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Lunar Lander video game | Although Atari's late 1970s arcade game did not use a NASA-developed computer chip, the game's main concept, which is to successfully land a small lander on the rocky surface of the Moon, is based on NASA's Apollo missions. (Image: Youtube)

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LASIK surgery | NASA conducted a series of tests aboard the International Space Station in the mid-2000s to discover how a lack of gravity affects eye movements. The findings aren't applicable to individuals who live on Earth but the eye-tracking equipment created for the trials allows for LASIK vision correction surgery. (Image: Unsplash)

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Better scratch resistant lenses | Ray-Ban obtained a patent for NASA-developed technology for their Survivor sunglass line. NASA pioneered the use of diamond-like carbon to cover sensitive instrument displays, making them 10 times more scratch resistant than earlier approaches. It's a little much for sunglasses, but it's still really awesome. (Image: Unsplash)

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Air traffic control systems | NASA, in collaboration with The Federal Aviation Administration, recently finished development on an enhanced method for controlling ground flights. The Integrated Arrival, Departure, and Surface (IADS) system was implemented this year at 27 of America's busiest airports. (Image: Unsplash)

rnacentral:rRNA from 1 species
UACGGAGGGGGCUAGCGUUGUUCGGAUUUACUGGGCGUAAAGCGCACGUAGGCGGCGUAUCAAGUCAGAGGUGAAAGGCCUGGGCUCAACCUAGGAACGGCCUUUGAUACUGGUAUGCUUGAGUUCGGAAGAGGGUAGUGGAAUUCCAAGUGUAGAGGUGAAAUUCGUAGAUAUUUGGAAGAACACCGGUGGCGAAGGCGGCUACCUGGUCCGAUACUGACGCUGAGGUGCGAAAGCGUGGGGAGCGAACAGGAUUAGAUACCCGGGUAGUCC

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Grooved pavement | NASA has made the entire earth a little less slick. According to the space agency,  “accidents on slippery highways are down as much as 85 percent,” and sliding injuries on pool decks, playgrounds, and industrial sites have decreased as well. It is due to NASA's efforts to etch grooves into runways to improve aeroplane traction. (Image: shutterstock)

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Emergency foil blankets | NASA invented the foil blankets included in first-aid kits and distributed at marathon finish lines in 1964. It is manufactured by depositing vaporised aluminium onto thin plastic and is used in campers, sun shields, satellite telescopes, and other applications. It acts as a blanket, reflecting heat back to whoever is covered in it. (Image: Shutterstock)

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Nike Airs | These shoes are the result of two NASA breakthroughs. The tougher rubber moulding of sporting shoes is accomplished by “blow rubber molding,” a technology developed at NASA to manufacture helmets. NASA engineer Frank Rudy developed the shock-absorbing substance utilised in Nike Airs. (Image: Unsplash)

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Better baby formula | NASA scientists identified a natural supply of an omega-3 fatty acid previously exclusively found in breast milk while exploring nutrition plans for a possible journey to Mars. Almost all infant formulae on the market today contain the component. (Image: Unsplash)

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Cordless vacuums | In the 1960s, Black & Decker collaborated with NASA to develop cordless drills, hammers, and other equipment that could be used in low-gravity (or no-gravity) situations. As a consequence, the Dustbuster cordless vacuum was created. (Image: Unsplash)